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Syrians denounce presence of US-backed SDF militants in Aleppo

A member of the so-called Syrian Democratic Forces (SDF) (C) stands guard while accompanying US soldiers on a stop in the western countryside of the northeastern Syrian town of al-Malikiyah, during a patrol in Kurdish towns near the border with Turkey, on June 7, 2020. (Photo by AFP)

Dozens of people in Syria’s northern province of Aleppo have staged a demonstration in protest at the deployment of US-sponsored and Kurdish-led militants from the so-called Syrian Democratic Forces (SDF) in the area and the their arbitrary practices.

Syria’s official news agency SANA, citing local sources, reported that the residents of al-Shuyukh village converged in the strategic town of Manbij on Saturday, protesting the seizure of their property and occupation of their houses by SDF militants.

The demonstrators also argued that the US-backed forces do not allow them to return to their houses after locals had to depart in the wake of Daesh terrorists’ advances late last year.

The sources noted that SDF militants had arrested a number of protesters, and sealed off all roads leading to the protest site in Manbij.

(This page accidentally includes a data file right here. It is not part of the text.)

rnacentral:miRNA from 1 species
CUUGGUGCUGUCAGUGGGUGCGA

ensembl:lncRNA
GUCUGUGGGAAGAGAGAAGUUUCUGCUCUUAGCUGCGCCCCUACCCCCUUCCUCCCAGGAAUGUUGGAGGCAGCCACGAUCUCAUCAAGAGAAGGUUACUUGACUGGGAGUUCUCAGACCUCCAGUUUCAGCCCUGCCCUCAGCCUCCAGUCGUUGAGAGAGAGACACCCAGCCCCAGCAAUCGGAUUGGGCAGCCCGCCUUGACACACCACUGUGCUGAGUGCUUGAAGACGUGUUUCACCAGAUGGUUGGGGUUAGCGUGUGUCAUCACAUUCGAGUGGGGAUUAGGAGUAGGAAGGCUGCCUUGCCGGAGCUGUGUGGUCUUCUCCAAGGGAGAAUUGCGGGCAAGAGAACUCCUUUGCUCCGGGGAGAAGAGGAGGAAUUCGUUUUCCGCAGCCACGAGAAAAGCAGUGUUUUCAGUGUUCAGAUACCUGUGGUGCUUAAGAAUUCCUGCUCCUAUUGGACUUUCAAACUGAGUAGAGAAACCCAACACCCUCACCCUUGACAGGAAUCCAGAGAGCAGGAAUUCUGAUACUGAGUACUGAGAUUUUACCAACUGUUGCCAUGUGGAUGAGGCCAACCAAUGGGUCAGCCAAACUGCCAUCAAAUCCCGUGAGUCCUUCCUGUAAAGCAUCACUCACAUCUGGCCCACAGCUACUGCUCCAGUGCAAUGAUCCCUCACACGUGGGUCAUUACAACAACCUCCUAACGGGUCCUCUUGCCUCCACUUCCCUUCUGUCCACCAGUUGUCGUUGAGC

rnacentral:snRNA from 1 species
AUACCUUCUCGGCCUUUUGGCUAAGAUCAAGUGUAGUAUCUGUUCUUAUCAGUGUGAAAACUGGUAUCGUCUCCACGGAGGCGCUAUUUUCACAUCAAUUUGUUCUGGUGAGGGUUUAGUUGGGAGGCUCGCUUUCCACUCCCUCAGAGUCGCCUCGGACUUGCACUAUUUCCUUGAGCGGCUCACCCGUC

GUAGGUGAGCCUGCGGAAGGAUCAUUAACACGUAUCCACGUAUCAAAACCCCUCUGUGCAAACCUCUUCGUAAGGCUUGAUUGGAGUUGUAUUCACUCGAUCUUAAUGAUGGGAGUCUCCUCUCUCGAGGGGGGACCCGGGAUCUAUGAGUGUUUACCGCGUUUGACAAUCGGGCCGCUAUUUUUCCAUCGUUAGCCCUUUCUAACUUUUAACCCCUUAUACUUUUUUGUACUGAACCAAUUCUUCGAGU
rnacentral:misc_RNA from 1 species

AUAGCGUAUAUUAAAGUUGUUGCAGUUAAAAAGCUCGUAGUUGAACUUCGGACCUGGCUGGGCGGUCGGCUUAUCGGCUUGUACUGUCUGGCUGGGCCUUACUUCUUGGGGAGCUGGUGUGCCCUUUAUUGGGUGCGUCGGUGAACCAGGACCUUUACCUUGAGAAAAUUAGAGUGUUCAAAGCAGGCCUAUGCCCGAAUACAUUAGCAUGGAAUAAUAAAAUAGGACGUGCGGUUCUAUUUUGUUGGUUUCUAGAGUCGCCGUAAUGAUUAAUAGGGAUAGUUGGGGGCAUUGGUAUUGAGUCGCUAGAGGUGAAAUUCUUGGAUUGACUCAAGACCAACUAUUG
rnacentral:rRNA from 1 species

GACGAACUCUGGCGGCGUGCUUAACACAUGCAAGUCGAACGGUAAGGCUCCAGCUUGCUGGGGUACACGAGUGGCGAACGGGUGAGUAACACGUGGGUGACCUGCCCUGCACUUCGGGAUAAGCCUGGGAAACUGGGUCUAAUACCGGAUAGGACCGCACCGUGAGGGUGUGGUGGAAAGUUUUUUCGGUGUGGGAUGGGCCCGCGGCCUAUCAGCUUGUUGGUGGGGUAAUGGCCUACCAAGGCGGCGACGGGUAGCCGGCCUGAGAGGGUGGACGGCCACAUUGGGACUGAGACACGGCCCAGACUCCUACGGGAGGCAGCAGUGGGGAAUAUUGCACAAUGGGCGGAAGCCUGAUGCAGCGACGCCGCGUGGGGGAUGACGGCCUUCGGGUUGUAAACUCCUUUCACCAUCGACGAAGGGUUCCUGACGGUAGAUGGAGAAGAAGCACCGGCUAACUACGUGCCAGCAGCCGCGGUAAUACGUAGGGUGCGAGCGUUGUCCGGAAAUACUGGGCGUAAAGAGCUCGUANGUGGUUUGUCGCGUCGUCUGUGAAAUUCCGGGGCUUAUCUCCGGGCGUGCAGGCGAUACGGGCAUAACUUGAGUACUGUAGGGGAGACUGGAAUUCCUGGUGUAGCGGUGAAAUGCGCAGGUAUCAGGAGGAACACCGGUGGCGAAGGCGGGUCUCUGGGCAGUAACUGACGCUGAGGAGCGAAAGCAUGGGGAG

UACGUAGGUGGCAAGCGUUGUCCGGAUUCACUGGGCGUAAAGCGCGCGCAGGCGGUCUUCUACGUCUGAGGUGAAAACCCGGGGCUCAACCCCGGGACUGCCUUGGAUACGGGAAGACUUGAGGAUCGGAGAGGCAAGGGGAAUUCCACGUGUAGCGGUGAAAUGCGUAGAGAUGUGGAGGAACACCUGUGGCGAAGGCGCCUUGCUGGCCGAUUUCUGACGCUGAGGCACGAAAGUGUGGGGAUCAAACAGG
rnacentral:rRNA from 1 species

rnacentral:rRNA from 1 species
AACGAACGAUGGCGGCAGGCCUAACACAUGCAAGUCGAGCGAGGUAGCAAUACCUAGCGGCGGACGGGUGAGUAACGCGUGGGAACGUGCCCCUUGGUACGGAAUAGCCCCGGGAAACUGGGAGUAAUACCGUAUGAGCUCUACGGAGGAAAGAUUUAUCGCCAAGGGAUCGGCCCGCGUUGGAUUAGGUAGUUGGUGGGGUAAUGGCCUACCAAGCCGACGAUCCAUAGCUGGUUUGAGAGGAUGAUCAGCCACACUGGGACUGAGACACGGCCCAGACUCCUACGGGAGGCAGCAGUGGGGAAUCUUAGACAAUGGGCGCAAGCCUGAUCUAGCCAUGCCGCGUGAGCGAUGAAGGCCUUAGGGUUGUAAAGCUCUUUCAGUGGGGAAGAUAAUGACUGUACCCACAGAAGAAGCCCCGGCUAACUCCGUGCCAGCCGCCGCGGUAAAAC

Security conditions are reportedly deteriorating in the areas controlled by the SDF in Hasakah and Dayr al-Zawr provinces amid ongoing raids and arrests of civilians by the US-sponsored militants.

Locals argue that the SDF’s constant raids and arrest campaigns have generated a state of frustration and instability, severely affecting their businesses and livelihoods.

Residents accuse the US-backed militants of stealing crude oil and failing to spend money on service sectors.

Local councils affiliated with the SDF have also been accused of financial corruption. They are said to be embezzling funds provided by donors, neglecting services and not meeting the people’s basic needs.

US sends fresh military convoy to Hasakah

Separately on Saturday, the US dispatched a new military convoy to Syria’s northeastern province of Hasakah.

The convoy, comprising of 35 trucks carrying logistics and military equipment, entered Syrian territories via al-Waleed border crossing, and entered the city of Qamishli, located 680 kilometers (420 miles) northeast of the capital Damascus, later.

The development took place only two days after a convoy of 50 tankers crossed into the Jazira Region of Hasakah as Washington and some of its regional allies are fiercely vying with each other to control oil reserves in the war-ravaged Syria and plunder its natural resources.

Since late October 2019, the United States has been redeploying troops to the oil fields controlled by Kurdish forces in eastern Syria, in a reversal of President Donald Trump’s earlier order to withdraw all troops there.

The Pentagon alleges that the move aims to “protect” the fields and facilities from possible attacks by Daesh, ignoring the fact that Trump had earlier suggested that Washington sought economic interests in controlling the oil fields.

Syria, which has not authorized the presence of the US military in its territory, says Washington is “plundering” the country’s oil.

The presence of US forces in northern and eastern Syria has particularly irked the civilians, and local residents have on several occasions stopped American military convoys entering the regions.

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